A patio heater that cost $150 on Amazon back in late 2019 had soared to $699 a year later, one of hundreds of products the online marketplaces sells whose price surged during the, according to a consumer advocacy group.
In an analysis of 750 products sold on the platform, U.S. PIRG Education Fund found that 409 items saw prices jump more than 20% in 2020, while 136 at least doubled in price.
The spikes largely involved items viewed as necessities during the public health crisis, including surgical gloves, eye goggles, toilet paper and cough syrup. Across 15 product categories examined by U.S. PIRG, the highest price increases ranged from $13.10 to $4,000, with patio heaters showing among the 10 largest price jumps.
In the past year, 61% of patio heaters sold on Amazon increased in price by at least 20%, and 45% at least doubled. The highest jump was $549, from $150 to $699. Other products that saw similar spikes include oral thermometers, disinfection wipes and hand sanitizers. (See U.S. PIRG chart below.)
“Our research throughout the pandemic has revealed massive price spikes on Amazon listings,” U.S. PIRG stated.
“It’s not meant to imply that this is true in all cases — only to reinforce the point that these price hikes can’t always be blamed on heightened demand,” Grace Brombach, a consumer watchdog associate and author of the study, told CBS MoneyWatch last week.
“We believe Amazon has the technology and resources to combat this,” Brombach said of the company, which reported record sales of $96 billion in the third quarter of 2020, a period that saw its profits tripling to $6.3 billion from a year earlier.
13,000 suspended accounts
Amazon acknowledges that the pandemic has boosted demand — and plumped up its profits — as millions of Americans stepped up their shopping online. But the company said it has both the automated and the manual means in place to ensure prices are fair to consumers.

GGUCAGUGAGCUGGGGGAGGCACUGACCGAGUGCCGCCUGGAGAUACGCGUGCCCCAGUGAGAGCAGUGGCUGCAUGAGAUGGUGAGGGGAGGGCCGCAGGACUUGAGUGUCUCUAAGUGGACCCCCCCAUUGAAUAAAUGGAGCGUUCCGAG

“Our systems are designed to meet the best available price amongst our competitors,” an Amazon spokesperson told CBS MoneyWatch in an email. “Sellers set their own product prices in our store. We have a long-standing policy against price-gouging, have processes in place to proactively block suspicious offers and monitor our store 24/7 for violations.”
Amazon blocked or removed more than 39 million offers and suspended more than 13,000 accounts for attempted price gouging last year and referred the most egregious offenders to federal and state law enforcement, according to the spokesperson.
Amazon has worked with more than 40 state attorneys general to prosecute bad actors, and the company supports the idea of creating a federal price-gouging standard, he added.
Retail analyst Neil Saunders, managing director at GlobalData, faulted U.S. PIRG for focusing exclusively on Amazon in its latest report and not looking more deeply at pricing changes on other big venues for third-party sellers like eBay and Walmart. “You have to look across the whole industry to be fair,” he said.
Its report released last week built on earlier findings released in September that found escalating costs on Amazon while “prices on the same product from Walmart, Target and others remain(ed) largely unchanged,” the group stated, acknowledging it had not looked at other retailers in its most recent analysis.
The price of essentials like toilet paper and hand sanitizer did go up, partly due to companies dispensing with offers and deals to discourage volume buying amid product shortages, Saunders explained. “Prices are often determined by supply, demand and underlying cost factors,” he said.
Saunders points out that “no one is forced to buy anything,” a sentiment echoed by U.S. PIRG’s Brombach, who said: “Our biggest advice to consumers is to shop around.”